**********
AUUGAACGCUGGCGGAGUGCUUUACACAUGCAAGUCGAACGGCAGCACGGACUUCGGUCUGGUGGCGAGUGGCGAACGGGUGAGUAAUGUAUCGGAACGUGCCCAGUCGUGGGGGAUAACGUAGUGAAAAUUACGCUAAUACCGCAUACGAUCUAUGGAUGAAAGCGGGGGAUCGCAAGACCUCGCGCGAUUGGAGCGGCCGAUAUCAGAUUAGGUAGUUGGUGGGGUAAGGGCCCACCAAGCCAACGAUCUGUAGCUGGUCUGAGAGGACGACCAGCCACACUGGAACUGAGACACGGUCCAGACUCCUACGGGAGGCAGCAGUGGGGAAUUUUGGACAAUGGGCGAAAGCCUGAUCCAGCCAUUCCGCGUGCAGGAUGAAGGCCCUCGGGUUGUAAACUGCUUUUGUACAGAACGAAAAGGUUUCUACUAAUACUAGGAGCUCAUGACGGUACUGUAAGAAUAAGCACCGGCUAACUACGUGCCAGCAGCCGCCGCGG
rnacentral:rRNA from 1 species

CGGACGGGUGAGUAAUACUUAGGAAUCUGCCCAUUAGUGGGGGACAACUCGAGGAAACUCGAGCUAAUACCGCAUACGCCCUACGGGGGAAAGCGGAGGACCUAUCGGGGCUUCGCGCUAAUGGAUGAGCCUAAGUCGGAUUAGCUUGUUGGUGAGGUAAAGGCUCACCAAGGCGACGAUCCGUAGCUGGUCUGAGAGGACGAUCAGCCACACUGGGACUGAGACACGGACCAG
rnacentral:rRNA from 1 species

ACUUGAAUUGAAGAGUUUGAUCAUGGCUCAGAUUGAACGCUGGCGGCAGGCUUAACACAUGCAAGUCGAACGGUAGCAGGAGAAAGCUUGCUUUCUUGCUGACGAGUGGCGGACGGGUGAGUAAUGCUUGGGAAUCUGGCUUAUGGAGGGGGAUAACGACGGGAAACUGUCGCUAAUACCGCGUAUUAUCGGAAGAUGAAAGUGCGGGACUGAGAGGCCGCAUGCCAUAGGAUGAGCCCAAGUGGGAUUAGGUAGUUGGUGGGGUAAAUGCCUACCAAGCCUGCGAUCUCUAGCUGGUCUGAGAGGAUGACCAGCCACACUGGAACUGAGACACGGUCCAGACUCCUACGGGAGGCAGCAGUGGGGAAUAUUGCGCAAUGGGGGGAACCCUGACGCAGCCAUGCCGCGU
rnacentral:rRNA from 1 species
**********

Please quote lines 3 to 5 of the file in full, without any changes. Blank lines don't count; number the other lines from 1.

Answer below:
CGGACGGGUGAGUAAUACUUAGGAAUCUGCCCAUUAGUGGGGGACAACUCGAGGAAACUCGAGCUAAUACCGCAUACGCCCUACGGGGGAAAGCGGAGGACCUAUCGGGGCUUCGCGCUAAUGGAUGAGCCUAAGUCGGAUUAGCUUGUUGGUGAGGUAAAGGCUCACCAAGGCGACGAUCCGUAGCUGGUCUGAGAGGACGAUCAGCCACACUGGGACUGAGACACGGACCAG
rnacentral:rRNA from 1 species

ACUUGAAUUGAAGAGUUUGAUCAUGGCUCAGAUUGAACGCUGGCGGCAGGCUUAACACAUGCAAGUCGAACGGUAGCAGGAGAAAGCUUGCUUUCUUGCUGACGAGUGGCGGACGGGUGAGUAAUGCUUGGGAAUCUGGCUUAUGGAGGGGGAUAACGACGGGAAACUGUCGCUAAUACCGCGUAUUAUCGGAAGAUGAAAGUGCGGGACUGAGAGGCCGCAUGCCAUAGGAUGAGCCCAAGUGGGAUUAGGUAGUUGGUGGGGUAAAUGCCUACCAAGCCUGCGAUCUCUAGCUGGUCUGAGAGGAUGACCAGCCACACUGGAACUGAGACACGGUCCAGACUCCUACGGGAGGCAGCAGUGGGGAAUAUUGCGCAAUGGGGGGAACCCUGACGCAGCCAUGCCGCGU